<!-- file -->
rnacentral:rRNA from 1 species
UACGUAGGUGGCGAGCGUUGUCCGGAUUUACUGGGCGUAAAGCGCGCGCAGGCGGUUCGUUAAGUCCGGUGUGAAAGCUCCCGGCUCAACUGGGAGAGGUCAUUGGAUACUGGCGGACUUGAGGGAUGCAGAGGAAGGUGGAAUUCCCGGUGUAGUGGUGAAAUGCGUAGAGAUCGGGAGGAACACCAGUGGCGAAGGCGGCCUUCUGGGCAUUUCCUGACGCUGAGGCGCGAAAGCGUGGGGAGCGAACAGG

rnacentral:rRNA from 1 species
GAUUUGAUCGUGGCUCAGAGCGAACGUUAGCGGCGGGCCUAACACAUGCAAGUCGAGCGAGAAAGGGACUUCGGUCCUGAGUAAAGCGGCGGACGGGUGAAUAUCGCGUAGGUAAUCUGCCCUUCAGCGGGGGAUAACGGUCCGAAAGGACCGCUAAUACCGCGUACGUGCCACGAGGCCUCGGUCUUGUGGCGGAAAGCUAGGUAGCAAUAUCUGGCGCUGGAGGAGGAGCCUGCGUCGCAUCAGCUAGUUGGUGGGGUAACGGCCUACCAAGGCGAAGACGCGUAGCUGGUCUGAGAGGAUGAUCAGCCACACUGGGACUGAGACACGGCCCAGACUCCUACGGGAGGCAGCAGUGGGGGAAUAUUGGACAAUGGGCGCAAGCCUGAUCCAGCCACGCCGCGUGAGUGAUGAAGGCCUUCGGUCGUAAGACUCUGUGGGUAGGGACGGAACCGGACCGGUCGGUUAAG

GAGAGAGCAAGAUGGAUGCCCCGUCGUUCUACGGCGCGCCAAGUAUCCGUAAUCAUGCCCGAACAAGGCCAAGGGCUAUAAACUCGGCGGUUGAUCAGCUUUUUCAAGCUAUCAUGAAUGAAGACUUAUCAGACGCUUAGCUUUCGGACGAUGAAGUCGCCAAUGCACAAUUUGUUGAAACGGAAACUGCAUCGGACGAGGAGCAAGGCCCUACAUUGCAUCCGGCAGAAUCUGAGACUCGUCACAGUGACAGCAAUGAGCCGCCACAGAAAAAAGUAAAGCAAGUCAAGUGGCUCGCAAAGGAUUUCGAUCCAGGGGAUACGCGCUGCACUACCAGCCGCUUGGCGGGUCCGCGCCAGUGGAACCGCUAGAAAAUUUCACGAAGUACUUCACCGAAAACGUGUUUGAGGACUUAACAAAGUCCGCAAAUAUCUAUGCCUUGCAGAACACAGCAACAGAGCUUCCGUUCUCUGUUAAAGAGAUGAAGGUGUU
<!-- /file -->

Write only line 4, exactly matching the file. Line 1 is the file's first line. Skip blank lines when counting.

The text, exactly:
GAUUUGAUCGUGGCUCAGAGCGAACGUUAGCGGCGGGCCUAACACAUGCAAGUCGAGCGAGAAAGGGACUUCGGUCCUGAGUAAAGCGGCGGACGGGUGAAUAUCGCGUAGGUAAUCUGCCCUUCAGCGGGGGAUAACGGUCCGAAAGGACCGCUAAUACCGCGUACGUGCCACGAGGCCUCGGUCUUGUGGCGGAAAGCUAGGUAGCAAUAUCUGGCGCUGGAGGAGGAGCCUGCGUCGCAUCAGCUAGUUGGUGGGGUAACGGCCUACCAAGGCGAAGACGCGUAGCUGGUCUGAGAGGAUGAUCAGCCACACUGGGACUGAGACACGGCCCAGACUCCUACGGGAGGCAGCAGUGGGGGAAUAUUGGACAAUGGGCGCAAGCCUGAUCCAGCCACGCCGCGUGAGUGAUGAAGGCCUUCGGUCGUAAGACUCUGUGGGUAGGGACGGAACCGGACCGGUCGGUUAAG